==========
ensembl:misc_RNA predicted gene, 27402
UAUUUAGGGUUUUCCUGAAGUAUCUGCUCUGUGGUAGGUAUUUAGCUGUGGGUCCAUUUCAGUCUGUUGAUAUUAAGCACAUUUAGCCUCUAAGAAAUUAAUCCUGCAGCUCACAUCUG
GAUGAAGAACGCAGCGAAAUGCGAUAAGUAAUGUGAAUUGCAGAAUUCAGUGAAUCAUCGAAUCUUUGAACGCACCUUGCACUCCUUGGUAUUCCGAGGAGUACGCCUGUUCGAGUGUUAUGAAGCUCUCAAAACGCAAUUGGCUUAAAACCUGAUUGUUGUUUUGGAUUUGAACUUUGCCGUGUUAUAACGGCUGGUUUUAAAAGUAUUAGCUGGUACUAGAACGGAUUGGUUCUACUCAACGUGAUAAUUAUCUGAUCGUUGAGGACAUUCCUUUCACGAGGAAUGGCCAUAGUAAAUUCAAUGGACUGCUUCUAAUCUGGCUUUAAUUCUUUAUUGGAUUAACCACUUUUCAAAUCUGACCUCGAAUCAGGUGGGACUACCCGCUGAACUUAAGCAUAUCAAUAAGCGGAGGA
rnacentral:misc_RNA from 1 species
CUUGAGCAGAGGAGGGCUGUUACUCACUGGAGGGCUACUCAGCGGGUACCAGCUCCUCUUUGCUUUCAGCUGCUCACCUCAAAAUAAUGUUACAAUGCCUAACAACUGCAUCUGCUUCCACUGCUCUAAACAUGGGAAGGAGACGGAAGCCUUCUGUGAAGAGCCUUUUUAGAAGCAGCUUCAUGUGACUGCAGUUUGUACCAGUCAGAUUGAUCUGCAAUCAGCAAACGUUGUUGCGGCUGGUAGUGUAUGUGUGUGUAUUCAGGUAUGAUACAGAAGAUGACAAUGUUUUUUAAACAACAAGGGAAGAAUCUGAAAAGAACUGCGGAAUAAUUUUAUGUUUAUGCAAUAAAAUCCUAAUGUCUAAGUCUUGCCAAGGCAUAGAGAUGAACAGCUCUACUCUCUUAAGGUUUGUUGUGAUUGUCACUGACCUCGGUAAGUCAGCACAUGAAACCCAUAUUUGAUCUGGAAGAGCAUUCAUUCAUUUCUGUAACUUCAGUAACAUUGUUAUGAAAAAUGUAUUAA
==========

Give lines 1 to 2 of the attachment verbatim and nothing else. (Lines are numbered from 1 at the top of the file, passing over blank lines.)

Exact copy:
ensembl:misc_RNA predicted gene, 27402
UAUUUAGGGUUUUCCUGAAGUAUCUGCUCUGUGGUAGGUAUUUAGCUGUGGGUCCAUUUCAGUCUGUUGAUAUUAAGCACAUUUAGCCUCUAAGAAAUUAAUCCUGCAGCUCACAUCUG